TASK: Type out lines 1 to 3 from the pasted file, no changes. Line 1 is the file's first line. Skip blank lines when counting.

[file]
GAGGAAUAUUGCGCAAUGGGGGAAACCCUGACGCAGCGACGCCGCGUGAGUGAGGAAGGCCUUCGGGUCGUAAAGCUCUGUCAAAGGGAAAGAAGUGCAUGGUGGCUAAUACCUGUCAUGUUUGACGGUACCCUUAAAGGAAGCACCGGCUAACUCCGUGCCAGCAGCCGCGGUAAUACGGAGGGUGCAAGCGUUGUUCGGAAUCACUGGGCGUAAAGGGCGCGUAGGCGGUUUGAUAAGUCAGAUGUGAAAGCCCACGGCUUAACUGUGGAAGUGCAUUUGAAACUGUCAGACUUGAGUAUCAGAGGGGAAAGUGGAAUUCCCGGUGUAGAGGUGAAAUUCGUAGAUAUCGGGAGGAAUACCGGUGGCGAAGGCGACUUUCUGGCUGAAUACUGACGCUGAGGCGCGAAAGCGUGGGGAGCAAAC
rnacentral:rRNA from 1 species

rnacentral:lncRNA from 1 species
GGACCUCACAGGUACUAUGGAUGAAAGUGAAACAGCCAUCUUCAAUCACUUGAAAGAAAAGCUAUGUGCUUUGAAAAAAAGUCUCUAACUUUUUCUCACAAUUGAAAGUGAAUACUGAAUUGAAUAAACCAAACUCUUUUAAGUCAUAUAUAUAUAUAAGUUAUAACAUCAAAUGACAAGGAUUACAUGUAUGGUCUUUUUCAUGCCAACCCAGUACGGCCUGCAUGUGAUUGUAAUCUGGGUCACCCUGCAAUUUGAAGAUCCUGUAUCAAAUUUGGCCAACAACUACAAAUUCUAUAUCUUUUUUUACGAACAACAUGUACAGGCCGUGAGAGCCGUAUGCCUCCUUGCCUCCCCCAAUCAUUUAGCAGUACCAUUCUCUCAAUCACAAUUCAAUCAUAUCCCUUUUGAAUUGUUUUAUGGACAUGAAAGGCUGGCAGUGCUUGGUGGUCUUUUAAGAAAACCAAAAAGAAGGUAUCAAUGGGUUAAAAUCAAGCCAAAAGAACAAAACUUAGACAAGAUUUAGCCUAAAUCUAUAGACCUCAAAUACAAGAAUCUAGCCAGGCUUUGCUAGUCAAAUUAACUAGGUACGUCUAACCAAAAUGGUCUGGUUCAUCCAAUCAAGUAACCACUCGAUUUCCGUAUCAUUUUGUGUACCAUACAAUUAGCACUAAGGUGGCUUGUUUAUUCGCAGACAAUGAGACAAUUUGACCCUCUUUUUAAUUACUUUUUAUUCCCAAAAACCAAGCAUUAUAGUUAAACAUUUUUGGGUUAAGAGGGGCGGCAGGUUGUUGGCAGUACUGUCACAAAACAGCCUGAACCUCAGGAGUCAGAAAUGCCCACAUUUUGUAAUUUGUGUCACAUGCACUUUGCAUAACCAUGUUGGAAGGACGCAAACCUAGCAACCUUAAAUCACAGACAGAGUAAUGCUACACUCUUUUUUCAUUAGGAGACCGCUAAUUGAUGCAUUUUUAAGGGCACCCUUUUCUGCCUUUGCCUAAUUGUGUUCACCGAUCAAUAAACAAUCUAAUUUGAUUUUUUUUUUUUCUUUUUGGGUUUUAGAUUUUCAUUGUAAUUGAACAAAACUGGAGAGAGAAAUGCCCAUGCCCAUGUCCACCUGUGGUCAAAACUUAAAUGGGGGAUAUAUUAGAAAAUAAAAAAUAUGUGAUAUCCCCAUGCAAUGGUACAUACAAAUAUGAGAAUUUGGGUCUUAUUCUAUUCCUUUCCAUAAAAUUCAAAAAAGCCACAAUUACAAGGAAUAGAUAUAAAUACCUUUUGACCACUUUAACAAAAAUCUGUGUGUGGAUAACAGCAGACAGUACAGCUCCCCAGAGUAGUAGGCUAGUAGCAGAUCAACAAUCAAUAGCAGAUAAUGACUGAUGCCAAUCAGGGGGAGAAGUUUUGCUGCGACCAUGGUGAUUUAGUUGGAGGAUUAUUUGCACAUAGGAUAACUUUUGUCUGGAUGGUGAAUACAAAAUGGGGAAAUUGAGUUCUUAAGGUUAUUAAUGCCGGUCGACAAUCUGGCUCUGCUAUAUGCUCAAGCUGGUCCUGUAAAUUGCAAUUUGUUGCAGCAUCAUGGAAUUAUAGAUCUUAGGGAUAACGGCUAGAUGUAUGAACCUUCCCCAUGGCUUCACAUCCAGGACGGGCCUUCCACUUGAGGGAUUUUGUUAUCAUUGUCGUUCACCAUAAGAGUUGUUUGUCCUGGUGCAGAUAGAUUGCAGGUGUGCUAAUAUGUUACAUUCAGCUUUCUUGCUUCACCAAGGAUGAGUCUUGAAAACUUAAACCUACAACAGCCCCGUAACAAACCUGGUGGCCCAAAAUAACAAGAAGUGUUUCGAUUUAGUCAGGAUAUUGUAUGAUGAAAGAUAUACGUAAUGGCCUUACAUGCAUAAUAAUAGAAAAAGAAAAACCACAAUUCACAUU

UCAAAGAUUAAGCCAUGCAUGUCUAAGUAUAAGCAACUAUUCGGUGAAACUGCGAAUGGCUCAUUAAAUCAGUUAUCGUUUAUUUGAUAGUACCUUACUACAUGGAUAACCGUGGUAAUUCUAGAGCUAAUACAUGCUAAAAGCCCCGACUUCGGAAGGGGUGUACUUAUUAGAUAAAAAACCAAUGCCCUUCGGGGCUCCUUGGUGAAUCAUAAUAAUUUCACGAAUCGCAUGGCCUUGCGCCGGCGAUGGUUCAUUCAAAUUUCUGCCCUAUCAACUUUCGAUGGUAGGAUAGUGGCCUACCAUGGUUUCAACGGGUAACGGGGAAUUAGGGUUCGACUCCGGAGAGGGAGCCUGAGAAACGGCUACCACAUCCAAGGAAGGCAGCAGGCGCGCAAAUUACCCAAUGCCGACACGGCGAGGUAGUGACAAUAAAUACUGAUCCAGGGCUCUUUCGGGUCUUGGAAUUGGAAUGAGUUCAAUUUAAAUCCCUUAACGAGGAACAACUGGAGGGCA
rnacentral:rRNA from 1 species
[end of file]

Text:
GAGGAAUAUUGCGCAAUGGGGGAAACCCUGACGCAGCGACGCCGCGUGAGUGAGGAAGGCCUUCGGGUCGUAAAGCUCUGUCAAAGGGAAAGAAGUGCAUGGUGGCUAAUACCUGUCAUGUUUGACGGUACCCUUAAAGGAAGCACCGGCUAACUCCGUGCCAGCAGCCGCGGUAAUACGGAGGGUGCAAGCGUUGUUCGGAAUCACUGGGCGUAAAGGGCGCGUAGGCGGUUUGAUAAGUCAGAUGUGAAAGCCCACGGCUUAACUGUGGAAGUGCAUUUGAAACUGUCAGACUUGAGUAUCAGAGGGGAAAGUGGAAUUCCCGGUGUAGAGGUGAAAUUCGUAGAUAUCGGGAGGAAUACCGGUGGCGAAGGCGACUUUCUGGCUGAAUACUGACGCUGAGGCGCGAAAGCGUGGGGAGCAAAC
rnacentral:rRNA from 1 species

rnacentral:lncRNA from 1 species